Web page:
The drumming escalated into a booming frenzy when the Crown Prince of Egypt himself rode in on the final chariot. Jewelry of gold and precious stones dazzled all over his lean and muscular body. He did not look at the spectators, but instead had his blue-crowned head tilted up to face the sun, as if basking in both its warmth and the glory he had earned on his last campaign.
Last came the spoils of the Prince’s recent victory. Tan-skinned men, women, and children shuffled in lines yoked to one another, with hands bound behind their backs. The Egyptian onlookers’ cheering gave way to jeering as they pelted the captives with rocks, handfuls of dirt, and epithets too vile to describe.
The white-robed stranger retreated into the shadows of an alleyway. Those were his people being dragged behind like stolen livestock. His cousins, his brothers and sisters, maybe even his mother, unless she had fallen like his father. Half of his entire tribe had already died fighting these Egyptian devils, and he did not even want to find out what fate they had planned for the rest.
He would sooner die than watch his people suffer. But not before inflicting one last blow.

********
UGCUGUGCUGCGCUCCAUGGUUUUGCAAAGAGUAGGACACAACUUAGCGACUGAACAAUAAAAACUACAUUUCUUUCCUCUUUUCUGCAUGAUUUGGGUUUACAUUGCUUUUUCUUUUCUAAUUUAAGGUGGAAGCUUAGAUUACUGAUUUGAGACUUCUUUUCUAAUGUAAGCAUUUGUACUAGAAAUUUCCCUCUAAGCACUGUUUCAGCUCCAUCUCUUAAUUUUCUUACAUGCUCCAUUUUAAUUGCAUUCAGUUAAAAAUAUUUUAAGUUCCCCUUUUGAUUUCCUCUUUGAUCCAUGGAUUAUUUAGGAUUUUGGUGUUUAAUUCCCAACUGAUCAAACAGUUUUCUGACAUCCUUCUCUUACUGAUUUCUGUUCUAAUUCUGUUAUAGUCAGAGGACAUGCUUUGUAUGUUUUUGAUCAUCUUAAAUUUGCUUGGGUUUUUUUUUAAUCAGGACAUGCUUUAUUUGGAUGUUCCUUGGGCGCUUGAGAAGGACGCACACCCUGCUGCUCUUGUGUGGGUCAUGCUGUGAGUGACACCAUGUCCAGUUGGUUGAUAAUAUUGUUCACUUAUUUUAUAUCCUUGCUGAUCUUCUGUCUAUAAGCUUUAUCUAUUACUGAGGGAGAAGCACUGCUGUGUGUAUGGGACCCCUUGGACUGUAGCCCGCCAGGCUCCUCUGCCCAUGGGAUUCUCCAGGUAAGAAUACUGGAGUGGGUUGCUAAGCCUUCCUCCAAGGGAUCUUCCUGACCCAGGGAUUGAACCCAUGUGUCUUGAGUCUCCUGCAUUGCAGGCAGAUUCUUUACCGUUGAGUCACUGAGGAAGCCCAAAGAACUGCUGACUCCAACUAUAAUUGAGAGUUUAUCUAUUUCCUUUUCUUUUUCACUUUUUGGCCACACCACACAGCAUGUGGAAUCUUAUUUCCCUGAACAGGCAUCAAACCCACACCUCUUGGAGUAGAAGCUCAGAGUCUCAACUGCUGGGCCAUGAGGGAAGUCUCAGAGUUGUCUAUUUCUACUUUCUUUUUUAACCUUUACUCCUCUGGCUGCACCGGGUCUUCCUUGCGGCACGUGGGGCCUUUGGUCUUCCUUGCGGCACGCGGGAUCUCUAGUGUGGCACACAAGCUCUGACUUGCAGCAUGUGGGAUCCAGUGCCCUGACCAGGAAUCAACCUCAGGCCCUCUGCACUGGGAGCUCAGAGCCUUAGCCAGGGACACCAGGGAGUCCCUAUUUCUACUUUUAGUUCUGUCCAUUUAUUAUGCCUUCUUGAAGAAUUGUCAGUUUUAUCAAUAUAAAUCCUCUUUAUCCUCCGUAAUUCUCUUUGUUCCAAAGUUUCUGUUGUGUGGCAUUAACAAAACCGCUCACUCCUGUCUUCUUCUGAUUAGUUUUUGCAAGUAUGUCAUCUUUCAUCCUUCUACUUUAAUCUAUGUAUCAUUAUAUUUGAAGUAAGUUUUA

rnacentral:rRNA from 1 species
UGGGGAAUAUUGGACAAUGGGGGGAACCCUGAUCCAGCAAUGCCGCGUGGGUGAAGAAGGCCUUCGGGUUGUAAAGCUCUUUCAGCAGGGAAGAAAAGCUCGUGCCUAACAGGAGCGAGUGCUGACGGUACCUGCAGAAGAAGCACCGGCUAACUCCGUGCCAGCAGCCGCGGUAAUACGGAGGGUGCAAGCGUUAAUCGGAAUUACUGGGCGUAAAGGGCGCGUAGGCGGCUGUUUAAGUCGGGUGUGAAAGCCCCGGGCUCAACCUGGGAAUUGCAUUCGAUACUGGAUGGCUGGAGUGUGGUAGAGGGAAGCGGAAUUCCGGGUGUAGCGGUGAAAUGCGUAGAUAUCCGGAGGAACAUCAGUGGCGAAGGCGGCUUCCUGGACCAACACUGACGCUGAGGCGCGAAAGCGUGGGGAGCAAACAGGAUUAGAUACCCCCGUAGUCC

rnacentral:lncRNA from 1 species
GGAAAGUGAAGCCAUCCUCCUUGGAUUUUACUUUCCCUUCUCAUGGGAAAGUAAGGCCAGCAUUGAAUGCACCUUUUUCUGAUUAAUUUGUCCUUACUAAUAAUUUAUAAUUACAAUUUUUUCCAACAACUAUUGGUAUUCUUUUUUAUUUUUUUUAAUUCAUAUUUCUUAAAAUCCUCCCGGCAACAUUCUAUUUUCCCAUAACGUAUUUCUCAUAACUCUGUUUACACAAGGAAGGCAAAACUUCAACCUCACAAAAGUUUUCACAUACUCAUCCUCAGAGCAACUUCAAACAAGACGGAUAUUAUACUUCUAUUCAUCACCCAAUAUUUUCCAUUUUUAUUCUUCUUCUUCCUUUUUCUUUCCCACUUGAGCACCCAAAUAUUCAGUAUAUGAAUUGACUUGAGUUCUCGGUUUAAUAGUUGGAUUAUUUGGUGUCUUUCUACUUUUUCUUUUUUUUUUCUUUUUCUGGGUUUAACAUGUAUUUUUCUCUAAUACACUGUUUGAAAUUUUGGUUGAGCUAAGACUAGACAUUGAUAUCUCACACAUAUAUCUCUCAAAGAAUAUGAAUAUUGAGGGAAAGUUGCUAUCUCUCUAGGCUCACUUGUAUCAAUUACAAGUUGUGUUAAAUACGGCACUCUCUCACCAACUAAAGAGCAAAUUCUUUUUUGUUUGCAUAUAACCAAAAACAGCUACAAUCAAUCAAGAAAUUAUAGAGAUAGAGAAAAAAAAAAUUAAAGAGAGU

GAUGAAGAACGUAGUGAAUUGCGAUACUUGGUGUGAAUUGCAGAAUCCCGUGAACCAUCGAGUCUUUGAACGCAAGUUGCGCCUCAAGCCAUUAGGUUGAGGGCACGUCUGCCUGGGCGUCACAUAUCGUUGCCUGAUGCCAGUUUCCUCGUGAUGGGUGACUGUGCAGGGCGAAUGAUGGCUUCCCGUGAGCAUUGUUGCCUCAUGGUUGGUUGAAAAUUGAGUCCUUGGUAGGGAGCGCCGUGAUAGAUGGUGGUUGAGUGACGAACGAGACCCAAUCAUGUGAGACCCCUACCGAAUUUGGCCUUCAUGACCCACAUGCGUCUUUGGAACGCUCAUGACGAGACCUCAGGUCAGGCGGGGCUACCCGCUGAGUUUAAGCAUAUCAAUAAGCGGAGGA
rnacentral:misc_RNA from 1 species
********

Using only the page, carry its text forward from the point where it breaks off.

The white-robed stranger glided down the empty streets that ran parallel to the main avenue. He turned and climbed a ladder onto one of the houses’ palm-thatched roofs, crouching behind its parapet. This house overlooked a limestone platform rising from a plaza at the avenue’s end, in front of the Pharaoh’s towering place. On this stage stood the old Pharaoh of Egypt himself, accompanied by his comely Great Wife, a circle of officials, and guards along the rim.
The white-robed stranger unslung his bow and pulled out an arrow from his quiver.
The music silenced at last once the Crown Prince and his procession reached the plaza. As the soldiers and musicians assembled around the stage, the Prince hopped onto it from his chariot and knelt before his father and mother.
“It is good to be home, dear Father, Lord of Upper and Lower Egypt,” the Prince said aloud. “You will be pleased to know that I have crushed the treacherous Israelites as you commanded. Never again will they terrorize our eastern provinces!”